The Federal Reserve Board says it followed a proper system for establishing debit interchange caps and fully abided by the Durbin Amendments requirement for merchants to have two unaffiliated networks to choose from for routing debit transactions.
The board filed its reply to allegations from merchants to the U.S. Court of Appeals Dec. 4, part of a process initiated when Judge Richard Leon called out the board in July for setting a new debit interchange cap too high for merchants, thus giving banks targeted by the law an easier road in complying with the Durbin amendment of the Dodd-Frank Act.
The argument documents prepare Judge Leon and lawyers for oral arguments scheduled for court on Jan. 17, 2014.
In his July ruling, Leon agreed with plaintiffs in the case including the National Retail Federation, the National Association of Convenience Stores and the Food Marketing Institute that 24 cents was too high. Leon's ruling said the Fed, which had originally proposed a 12-cent limit, ignored congressional intent in setting the cap.
In doing so, Leons ruling also questioned whether the board followed the spirit of the law in establishing only two networks for debit routing, suggesting that more might be appropriate. The Fed says its actions have eliminated the network exclusivity Congress had feared in the current payments system.
The merchants fail to identify a single network or issuer restriction that the rule allows in violation of the statute, the Fed states in its appeal. The merchants also fail to demonstrate the boards interpretation of the fee standard provisions are beyond the boards interpretive authority provided by Congress, the court document states.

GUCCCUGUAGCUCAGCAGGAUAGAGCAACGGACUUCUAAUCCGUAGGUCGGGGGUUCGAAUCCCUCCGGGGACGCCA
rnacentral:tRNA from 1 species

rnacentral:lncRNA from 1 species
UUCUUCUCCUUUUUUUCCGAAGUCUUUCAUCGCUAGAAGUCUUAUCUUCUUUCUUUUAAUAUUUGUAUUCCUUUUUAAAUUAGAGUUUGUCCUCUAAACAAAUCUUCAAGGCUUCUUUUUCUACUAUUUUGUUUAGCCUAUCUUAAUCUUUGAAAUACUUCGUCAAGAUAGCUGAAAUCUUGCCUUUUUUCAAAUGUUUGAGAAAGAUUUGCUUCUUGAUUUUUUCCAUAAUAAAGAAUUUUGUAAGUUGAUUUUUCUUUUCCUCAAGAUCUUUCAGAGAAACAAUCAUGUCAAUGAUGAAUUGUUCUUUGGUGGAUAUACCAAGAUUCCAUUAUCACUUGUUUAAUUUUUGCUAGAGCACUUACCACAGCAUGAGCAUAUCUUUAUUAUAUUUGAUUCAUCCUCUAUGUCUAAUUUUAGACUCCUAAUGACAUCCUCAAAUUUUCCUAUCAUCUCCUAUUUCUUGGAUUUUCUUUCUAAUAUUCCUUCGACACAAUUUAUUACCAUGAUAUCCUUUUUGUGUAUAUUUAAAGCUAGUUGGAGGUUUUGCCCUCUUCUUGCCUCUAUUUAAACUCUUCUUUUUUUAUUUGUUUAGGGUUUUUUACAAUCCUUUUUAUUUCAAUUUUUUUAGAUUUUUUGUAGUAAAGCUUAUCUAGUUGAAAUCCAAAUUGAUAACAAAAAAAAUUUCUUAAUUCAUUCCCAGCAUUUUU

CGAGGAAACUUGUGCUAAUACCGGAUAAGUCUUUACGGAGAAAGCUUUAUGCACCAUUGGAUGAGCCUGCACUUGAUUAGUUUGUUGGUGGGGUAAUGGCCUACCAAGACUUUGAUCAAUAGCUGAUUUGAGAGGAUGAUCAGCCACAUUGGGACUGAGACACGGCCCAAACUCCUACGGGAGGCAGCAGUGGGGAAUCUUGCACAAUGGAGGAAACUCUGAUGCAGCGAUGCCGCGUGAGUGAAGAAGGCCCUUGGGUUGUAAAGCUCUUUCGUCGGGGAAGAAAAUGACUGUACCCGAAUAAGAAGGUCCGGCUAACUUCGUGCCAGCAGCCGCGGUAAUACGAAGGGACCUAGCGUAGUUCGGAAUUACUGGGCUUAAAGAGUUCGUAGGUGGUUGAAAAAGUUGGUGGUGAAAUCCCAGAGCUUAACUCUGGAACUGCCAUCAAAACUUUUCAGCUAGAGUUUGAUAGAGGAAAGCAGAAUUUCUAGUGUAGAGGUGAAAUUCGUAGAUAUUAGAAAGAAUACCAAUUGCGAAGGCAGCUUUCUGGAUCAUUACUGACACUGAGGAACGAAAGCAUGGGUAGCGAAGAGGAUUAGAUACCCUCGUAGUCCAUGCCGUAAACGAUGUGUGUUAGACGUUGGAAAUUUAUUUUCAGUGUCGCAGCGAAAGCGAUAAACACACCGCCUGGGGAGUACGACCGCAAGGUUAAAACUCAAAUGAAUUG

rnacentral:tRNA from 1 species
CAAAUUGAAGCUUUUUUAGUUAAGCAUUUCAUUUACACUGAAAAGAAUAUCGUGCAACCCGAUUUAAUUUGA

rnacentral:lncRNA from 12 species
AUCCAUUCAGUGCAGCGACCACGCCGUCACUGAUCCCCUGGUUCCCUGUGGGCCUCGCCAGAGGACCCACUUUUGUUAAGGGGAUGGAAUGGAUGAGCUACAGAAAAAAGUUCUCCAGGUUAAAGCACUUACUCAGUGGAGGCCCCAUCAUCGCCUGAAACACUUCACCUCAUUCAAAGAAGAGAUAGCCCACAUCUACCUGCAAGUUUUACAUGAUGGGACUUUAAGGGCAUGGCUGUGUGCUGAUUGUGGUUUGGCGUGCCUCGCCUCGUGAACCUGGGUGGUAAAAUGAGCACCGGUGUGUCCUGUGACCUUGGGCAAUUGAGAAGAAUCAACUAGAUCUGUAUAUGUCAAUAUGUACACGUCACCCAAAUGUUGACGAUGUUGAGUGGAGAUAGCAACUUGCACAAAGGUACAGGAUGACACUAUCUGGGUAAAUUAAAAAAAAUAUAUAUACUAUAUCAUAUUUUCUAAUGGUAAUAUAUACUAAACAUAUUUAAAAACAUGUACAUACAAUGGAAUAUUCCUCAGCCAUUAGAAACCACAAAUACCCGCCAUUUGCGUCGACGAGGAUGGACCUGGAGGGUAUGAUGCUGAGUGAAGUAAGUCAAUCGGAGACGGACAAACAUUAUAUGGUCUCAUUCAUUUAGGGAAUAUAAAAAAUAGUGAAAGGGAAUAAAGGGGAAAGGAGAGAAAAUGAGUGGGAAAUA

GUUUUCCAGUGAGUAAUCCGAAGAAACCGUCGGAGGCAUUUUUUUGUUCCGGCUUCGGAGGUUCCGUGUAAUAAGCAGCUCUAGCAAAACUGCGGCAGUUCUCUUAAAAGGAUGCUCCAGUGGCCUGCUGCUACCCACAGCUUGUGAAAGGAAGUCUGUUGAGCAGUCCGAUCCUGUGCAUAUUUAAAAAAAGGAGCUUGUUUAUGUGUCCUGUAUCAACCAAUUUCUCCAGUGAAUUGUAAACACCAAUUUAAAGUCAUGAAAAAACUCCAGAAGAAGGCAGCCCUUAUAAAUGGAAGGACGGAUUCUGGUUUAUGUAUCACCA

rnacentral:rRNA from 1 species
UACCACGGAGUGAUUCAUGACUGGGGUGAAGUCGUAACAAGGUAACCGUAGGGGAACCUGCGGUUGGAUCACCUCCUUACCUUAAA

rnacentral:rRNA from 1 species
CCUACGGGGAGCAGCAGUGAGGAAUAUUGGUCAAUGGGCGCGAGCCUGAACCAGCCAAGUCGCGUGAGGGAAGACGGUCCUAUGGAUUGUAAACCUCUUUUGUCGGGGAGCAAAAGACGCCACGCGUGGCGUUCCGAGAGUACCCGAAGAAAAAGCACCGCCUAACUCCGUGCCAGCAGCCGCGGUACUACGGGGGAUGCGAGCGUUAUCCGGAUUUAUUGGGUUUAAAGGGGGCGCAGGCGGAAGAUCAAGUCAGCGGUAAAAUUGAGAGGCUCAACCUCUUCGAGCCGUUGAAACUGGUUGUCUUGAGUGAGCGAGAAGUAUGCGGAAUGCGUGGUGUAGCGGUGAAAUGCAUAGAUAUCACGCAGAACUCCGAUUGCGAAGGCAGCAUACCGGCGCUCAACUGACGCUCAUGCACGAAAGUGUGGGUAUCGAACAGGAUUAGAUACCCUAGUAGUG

The board announced in August that it intended to appeal Leons ruling in favor of the merchants.
The board confirms that the network exclusivity rule speaks only in terms of issuer and payment card network restrictions but does not address restrictions imposed by merchants or others. The Fed says its purpose was to end the so-called network exclusivity agreements and the issuer- or network-imposed routing preferences that had previously pervaded the marketplace.
The judges ruling came at a bad time for payments industry professionals already attempting to tackle the technology issues behind the debit routing issue in the case of EMV smart card transactions.
The U.S. represents the only country with multiple PIN debit networks, creating a complicated task for coding EMV smart cards previously used only in countries with one major debit network.